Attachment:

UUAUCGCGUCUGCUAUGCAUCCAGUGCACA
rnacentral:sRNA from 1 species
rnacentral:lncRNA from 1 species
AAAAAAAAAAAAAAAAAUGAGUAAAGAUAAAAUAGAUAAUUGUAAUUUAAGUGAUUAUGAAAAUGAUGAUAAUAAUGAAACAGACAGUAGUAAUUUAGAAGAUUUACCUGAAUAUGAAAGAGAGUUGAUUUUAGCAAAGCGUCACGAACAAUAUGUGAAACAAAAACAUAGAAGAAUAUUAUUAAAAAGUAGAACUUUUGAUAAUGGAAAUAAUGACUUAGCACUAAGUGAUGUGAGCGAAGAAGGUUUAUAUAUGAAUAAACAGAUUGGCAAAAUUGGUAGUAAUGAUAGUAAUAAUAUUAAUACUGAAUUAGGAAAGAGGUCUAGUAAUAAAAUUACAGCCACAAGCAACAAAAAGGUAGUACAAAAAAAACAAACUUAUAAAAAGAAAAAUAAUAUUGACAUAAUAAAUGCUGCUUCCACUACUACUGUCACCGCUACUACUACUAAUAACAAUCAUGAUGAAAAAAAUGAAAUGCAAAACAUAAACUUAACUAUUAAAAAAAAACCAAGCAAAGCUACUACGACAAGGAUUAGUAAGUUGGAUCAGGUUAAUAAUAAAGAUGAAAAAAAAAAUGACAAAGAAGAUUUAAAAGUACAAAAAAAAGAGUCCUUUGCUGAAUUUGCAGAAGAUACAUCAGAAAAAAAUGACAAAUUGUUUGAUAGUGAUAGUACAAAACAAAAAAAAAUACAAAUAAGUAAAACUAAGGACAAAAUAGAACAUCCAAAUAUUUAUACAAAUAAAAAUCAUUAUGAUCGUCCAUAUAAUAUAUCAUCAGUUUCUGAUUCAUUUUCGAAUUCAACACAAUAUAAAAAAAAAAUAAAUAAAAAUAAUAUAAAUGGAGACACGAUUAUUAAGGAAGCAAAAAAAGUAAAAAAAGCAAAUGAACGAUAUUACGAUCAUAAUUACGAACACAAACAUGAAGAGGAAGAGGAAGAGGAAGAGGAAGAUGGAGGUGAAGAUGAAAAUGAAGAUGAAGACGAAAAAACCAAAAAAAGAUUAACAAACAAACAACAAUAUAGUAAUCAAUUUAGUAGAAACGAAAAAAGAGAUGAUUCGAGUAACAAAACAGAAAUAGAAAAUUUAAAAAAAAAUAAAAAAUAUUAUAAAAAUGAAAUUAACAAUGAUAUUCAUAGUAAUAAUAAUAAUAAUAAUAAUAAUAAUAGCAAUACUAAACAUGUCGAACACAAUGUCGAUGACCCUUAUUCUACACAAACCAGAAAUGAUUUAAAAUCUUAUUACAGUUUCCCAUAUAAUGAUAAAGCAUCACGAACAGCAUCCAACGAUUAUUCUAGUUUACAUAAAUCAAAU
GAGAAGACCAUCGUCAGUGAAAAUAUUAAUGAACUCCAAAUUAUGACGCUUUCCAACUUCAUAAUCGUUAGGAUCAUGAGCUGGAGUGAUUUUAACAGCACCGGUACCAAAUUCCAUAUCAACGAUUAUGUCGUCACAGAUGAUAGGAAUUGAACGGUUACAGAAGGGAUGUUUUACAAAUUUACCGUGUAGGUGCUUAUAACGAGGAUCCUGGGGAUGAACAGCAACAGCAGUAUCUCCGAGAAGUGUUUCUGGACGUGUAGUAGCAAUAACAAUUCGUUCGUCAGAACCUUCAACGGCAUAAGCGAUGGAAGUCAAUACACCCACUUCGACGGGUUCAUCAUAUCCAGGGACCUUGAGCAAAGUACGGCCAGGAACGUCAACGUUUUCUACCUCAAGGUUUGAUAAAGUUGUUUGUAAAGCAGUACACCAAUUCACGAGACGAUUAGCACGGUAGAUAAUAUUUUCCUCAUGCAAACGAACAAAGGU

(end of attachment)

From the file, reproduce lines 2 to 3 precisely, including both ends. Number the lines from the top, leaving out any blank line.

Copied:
rnacentral:sRNA from 1 species
rnacentral:lncRNA from 1 species